Centuries ago the Khoi tribe arrived in the Cape, bringing with them their sensitivity to the natural world and their reverence for nature. They discovered the Cape Honeybush (Cyclopia) and Rooibos (Aspalathus Linearis) plants and realised that infusions made from these indigenous herbs were refreshing and flavourful. They became aware of the healing qualities of Honeybush and Rooibos, and this knowledge still forms a large part of their tribal medicinal lore.
News of the marvellous health promoting properties of these plants filtered through to the wider South African society, and soon stories were springing up about how they could be used, not only as a beverage, but as a cure-all for all sorts of ailments. Modern science has since lent credibility to the rich but anecdotal tales of healing that have been passed on from generation to generation. Honeybush and Rooibos teas are steadily gaining popularity on the international market, particularly in countries such as Japan, Germany and Switzerland, as more and more discerning and health conscious buyers realise that they provide a delicious and healthy alternative to the more conventional beverages.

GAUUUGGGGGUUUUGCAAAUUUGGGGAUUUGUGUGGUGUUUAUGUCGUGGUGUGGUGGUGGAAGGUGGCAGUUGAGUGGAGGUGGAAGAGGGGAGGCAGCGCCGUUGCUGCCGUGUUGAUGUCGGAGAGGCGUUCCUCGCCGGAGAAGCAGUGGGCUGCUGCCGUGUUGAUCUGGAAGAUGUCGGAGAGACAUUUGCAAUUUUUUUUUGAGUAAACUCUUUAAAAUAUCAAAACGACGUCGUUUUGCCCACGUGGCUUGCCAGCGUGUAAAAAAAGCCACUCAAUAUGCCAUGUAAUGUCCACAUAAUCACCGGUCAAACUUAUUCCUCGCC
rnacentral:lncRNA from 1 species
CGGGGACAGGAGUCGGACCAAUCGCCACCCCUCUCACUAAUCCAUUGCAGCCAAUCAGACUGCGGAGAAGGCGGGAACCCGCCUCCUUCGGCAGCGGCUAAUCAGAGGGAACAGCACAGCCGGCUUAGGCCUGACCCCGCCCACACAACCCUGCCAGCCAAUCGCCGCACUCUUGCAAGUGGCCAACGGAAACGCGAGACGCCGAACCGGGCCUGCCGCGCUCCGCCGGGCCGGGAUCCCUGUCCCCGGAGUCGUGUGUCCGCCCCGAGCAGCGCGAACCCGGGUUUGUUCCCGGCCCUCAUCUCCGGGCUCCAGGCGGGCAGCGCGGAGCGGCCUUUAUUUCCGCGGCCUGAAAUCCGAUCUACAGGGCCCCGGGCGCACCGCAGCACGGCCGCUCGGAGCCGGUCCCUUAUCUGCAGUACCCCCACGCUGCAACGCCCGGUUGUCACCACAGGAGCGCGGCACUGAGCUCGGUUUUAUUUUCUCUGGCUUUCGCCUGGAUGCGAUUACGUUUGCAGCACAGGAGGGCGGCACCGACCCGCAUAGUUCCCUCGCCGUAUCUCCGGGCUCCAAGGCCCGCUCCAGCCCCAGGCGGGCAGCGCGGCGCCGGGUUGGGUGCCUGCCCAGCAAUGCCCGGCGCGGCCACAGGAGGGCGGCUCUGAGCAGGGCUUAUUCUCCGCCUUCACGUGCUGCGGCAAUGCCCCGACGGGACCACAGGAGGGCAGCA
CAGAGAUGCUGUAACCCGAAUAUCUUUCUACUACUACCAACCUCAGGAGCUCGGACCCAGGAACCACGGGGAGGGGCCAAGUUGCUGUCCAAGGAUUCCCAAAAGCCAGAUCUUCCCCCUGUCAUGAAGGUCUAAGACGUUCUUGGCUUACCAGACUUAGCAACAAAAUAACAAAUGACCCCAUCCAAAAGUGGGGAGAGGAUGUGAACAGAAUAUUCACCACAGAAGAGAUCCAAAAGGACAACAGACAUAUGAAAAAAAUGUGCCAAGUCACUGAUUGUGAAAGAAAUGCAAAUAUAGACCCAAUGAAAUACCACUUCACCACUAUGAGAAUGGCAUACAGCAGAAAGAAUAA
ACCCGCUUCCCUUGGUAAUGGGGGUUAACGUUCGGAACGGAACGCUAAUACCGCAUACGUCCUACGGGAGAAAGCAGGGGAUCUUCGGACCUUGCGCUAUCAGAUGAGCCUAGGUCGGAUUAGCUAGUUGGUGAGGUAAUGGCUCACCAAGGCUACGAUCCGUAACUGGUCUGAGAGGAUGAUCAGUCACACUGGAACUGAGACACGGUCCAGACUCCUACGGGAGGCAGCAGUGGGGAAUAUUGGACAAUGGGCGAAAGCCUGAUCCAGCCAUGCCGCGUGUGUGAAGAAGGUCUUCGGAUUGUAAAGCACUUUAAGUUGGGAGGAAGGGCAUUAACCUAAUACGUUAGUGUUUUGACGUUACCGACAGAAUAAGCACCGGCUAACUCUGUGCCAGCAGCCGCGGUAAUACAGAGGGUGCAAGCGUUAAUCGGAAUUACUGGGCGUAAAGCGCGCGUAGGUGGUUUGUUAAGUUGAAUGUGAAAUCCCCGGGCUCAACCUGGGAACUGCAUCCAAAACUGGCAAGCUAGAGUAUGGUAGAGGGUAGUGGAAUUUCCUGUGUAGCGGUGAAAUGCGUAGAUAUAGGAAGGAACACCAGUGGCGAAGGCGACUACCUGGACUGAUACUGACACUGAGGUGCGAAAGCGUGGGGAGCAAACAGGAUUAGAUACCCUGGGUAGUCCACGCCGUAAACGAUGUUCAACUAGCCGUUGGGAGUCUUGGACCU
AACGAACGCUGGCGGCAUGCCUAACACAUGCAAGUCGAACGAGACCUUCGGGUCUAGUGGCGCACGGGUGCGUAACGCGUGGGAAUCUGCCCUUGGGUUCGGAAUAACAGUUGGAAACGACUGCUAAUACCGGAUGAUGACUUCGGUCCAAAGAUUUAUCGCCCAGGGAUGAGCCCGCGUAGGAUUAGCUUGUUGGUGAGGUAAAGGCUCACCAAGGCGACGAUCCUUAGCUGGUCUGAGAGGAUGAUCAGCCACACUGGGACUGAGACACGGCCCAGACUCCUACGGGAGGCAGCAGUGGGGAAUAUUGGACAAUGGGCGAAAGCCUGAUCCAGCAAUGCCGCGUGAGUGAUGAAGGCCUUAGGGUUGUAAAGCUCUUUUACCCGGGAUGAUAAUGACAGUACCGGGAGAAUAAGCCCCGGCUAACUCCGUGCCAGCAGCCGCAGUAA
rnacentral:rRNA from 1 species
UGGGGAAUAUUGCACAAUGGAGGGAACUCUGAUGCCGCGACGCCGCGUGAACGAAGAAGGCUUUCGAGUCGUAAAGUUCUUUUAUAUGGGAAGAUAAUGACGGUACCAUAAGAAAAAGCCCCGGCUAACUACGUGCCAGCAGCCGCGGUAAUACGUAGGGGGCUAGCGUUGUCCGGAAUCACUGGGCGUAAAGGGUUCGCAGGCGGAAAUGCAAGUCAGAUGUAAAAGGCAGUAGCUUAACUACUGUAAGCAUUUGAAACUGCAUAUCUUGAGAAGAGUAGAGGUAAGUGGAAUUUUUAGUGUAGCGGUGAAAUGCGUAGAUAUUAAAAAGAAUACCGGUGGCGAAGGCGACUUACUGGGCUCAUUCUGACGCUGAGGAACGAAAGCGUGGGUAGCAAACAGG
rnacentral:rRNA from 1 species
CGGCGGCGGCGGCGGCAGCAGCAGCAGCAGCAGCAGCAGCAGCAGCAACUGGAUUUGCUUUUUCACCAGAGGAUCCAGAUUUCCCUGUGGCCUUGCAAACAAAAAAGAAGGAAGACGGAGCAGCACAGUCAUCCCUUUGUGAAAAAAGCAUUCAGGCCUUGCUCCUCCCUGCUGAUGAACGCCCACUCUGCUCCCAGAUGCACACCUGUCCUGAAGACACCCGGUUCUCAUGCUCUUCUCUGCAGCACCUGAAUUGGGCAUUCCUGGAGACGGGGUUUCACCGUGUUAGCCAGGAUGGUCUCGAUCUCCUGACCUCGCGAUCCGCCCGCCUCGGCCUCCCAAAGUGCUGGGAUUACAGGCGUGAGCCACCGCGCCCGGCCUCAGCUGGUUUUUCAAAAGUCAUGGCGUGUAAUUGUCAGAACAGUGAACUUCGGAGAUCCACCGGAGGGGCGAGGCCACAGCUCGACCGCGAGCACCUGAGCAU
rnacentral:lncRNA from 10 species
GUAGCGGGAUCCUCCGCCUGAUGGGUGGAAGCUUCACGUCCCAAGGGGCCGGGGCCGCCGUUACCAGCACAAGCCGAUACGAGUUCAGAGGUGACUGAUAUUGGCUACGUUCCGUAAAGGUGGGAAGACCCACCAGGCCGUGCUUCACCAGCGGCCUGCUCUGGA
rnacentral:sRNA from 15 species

Honeybush (scientific name Cyclopia spp.; Family: Fabaceae), or 'Heuningbos' in Afrikaans, is commonly used to make an infusion in the same manner as tea. It grows only in a small area in the southwest of South Africa in the Langkloof area of the Eastern Cape and shares many similarities with Rooibos. Honeybush is so named because the flowers smell of honey. The taste of honeybush tea is similar to that of Rooibos but a little sweeter.
There are 23 species of honeybush tea found in the wild, of which mainly 4 are used for commercial use. These are -
- Cyclopia intermedia, known as 'berg tee' or mountain tea
- C. subternata, known as 'vlei tee' or marshland tea
- C. genistoides, known as 'kus tee' or coastal tea
- C. sessiliflora, known as 'Heidelberg tee', named after a town in South Africa, where it grows in the local mountain range.